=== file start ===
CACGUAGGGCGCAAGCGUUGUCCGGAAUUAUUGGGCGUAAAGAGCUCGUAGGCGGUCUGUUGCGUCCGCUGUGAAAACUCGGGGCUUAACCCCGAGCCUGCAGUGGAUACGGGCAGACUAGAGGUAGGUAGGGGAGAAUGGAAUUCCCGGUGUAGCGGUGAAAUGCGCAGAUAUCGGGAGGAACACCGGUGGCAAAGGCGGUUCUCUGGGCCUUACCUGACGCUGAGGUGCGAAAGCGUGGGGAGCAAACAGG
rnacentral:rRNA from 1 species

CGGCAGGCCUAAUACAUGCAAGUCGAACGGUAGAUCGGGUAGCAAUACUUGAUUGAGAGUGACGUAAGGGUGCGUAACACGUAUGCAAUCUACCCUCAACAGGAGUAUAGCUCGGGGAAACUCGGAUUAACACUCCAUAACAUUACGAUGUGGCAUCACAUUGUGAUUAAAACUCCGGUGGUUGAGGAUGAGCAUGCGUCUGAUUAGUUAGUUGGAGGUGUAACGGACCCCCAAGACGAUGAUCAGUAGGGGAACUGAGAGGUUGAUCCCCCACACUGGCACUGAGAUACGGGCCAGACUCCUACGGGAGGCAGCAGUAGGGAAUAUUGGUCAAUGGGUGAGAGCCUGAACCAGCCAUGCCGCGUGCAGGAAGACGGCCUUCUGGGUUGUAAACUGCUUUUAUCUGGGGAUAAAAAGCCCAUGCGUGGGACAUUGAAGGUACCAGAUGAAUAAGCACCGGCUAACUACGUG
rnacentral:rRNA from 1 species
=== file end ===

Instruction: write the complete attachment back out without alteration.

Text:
CACGUAGGGCGCAAGCGUUGUCCGGAAUUAUUGGGCGUAAAGAGCUCGUAGGCGGUCUGUUGCGUCCGCUGUGAAAACUCGGGGCUUAACCCCGAGCCUGCAGUGGAUACGGGCAGACUAGAGGUAGGUAGGGGAGAAUGGAAUUCCCGGUGUAGCGGUGAAAUGCGCAGAUAUCGGGAGGAACACCGGUGGCAAAGGCGGUUCUCUGGGCCUUACCUGACGCUGAGGUGCGAAAGCGUGGGGAGCAAACAGG
rnacentral:rRNA from 1 species

CGGCAGGCCUAAUACAUGCAAGUCGAACGGUAGAUCGGGUAGCAAUACUUGAUUGAGAGUGACGUAAGGGUGCGUAACACGUAUGCAAUCUACCCUCAACAGGAGUAUAGCUCGGGGAAACUCGGAUUAACACUCCAUAACAUUACGAUGUGGCAUCACAUUGUGAUUAAAACUCCGGUGGUUGAGGAUGAGCAUGCGUCUGAUUAGUUAGUUGGAGGUGUAACGGACCCCCAAGACGAUGAUCAGUAGGGGAACUGAGAGGUUGAUCCCCCACACUGGCACUGAGAUACGGGCCAGACUCCUACGGGAGGCAGCAGUAGGGAAUAUUGGUCAAUGGGUGAGAGCCUGAACCAGCCAUGCCGCGUGCAGGAAGACGGCCUUCUGGGUUGUAAACUGCUUUUAUCUGGGGAUAAAAAGCCCAUGCGUGGGACAUUGAAGGUACCAGAUGAAUAAGCACCGGCUAACUACGUG
rnacentral:rRNA from 1 species